Someone in Hollywood must really hate Sam Worthington. Initially at least, starring in James Cameron’s Avatar must have seemed a dream job. However, Not only did he end up looking like a human Smurf, he has to do so again at least four more times for the subsequent sequels that are sadly on their way.
If that wasn’t humiliating enough, they somehow got him to sign up for this sci-fi flick, which ends up turning him into some kind of silver fish. Is he that repulsive to look at that they have to continually turn him into something else? It appears so. And if that wasn’t enough, they want to send him into space again too.
It’s the not so distant future (2048 to be precise) and scientists have come to the conclusion that we’ve royally buggered up the planet to the point of no return. So after some head scratching they come up with the following conclusion: the only thing left to do is to colonise another planet and bugger that one up too.
The main contender they come up with as being anywhere near a viable option is Titan, the largest moon of Saturn. Although similar to Earth, it doesn’t have anywhere near the same amount of oxygen. The workaround scientists come up with is to re-engineer the human genetic make-up, so that with a few tweaks, this new breed of super-human will be able to survive on this new planet.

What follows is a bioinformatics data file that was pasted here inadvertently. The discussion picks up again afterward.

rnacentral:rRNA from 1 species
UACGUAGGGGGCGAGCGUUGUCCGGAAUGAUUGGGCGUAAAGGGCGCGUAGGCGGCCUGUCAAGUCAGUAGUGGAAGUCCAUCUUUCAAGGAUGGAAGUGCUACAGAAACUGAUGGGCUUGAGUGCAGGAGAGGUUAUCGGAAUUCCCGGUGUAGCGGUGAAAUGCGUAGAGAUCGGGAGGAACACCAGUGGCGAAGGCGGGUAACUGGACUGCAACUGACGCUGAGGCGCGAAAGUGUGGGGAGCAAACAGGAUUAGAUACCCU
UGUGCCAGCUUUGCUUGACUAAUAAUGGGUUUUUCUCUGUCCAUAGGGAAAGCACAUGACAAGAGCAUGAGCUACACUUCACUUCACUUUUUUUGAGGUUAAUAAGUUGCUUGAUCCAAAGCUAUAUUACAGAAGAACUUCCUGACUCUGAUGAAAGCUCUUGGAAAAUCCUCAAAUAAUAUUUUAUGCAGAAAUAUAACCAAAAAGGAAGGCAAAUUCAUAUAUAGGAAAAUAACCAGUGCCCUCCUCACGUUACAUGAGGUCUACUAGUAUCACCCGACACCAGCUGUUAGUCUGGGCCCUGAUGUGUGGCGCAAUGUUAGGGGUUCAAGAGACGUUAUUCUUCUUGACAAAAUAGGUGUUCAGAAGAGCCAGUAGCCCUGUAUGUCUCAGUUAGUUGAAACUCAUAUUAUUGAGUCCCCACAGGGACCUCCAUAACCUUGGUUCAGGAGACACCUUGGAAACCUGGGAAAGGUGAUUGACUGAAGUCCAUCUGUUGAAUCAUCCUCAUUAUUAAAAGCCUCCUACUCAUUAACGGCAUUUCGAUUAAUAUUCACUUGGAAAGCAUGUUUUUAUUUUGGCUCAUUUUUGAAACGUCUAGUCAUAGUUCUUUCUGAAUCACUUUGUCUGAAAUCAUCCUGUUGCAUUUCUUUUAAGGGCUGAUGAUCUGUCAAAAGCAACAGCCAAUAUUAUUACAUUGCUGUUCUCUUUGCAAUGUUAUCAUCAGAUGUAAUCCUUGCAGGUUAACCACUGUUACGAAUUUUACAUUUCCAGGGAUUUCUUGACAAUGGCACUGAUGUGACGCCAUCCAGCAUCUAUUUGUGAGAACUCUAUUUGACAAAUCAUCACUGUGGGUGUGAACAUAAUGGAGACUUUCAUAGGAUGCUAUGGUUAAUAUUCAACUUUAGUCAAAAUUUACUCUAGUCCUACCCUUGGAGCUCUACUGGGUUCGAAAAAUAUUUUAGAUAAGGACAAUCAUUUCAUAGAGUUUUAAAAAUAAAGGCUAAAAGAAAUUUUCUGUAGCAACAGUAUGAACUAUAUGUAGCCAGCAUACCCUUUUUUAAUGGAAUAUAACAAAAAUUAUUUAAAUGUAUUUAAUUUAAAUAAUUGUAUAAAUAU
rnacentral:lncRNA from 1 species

Signed up for the experience is soldier Rick Janssen (Worthington), who, along with other military types, decides that being a guinea pig to determine the future of mankind – of sorts – is worth all the necessary risks.
Someone not wholly convinced is his wife Abi (Taylor Schilling), who isn’t convinced by the science of it all. And as the tests get underway, she may have a point, as the transition from human to super-human isn’t as smooth as first hoped, as test subjects begin to show worrying results from the treatment.
The Titan is one of a slew of recent titles from streaming sites and the like that are simultaneously releasing titles both online and in cinemas. And just like those that have gone before it, The Titan is further example of why they shouldn’t bother, as there just doesn’t seem to be any quality control whatsoever.
It’s not that enough money hasn’t necessarily been thrown at it, as it appears fairly impressive and looks good on a big screen. It also has a solid cast, including Worthing and Schilling, as well as the always reliable Tom Wilkinson.
Where it clearly suffers is in a weak script. Despite an interesting premise, it’s executed with a terminal amount of dullness. Characters are barely two-dimensional, with far too much relying on the central relationship between Worthington and Schilling, who sadly have the chemistry of two tubs of lard.
Director Lennart Ruff, making his full feature debut, has done a remarkable job in turning what should have been an entertaining tale of venturing into space, into a bland and mundane affair. The story has no high notes, and what’s more, neither do any of the performances. If this is the most exciting thing about going off to a moon of Saturn’s, we’re all better off staying put to watch the death of society, which must surely be a more entertaining experience. So if Elon Musk offers you a seat on his SpaceX programme, if this is anything to go by, just say no.
And as far as Sam Worthington is concerned, he should possibly stay clear from being an alien for a while as it really doesn’t appear to suit him.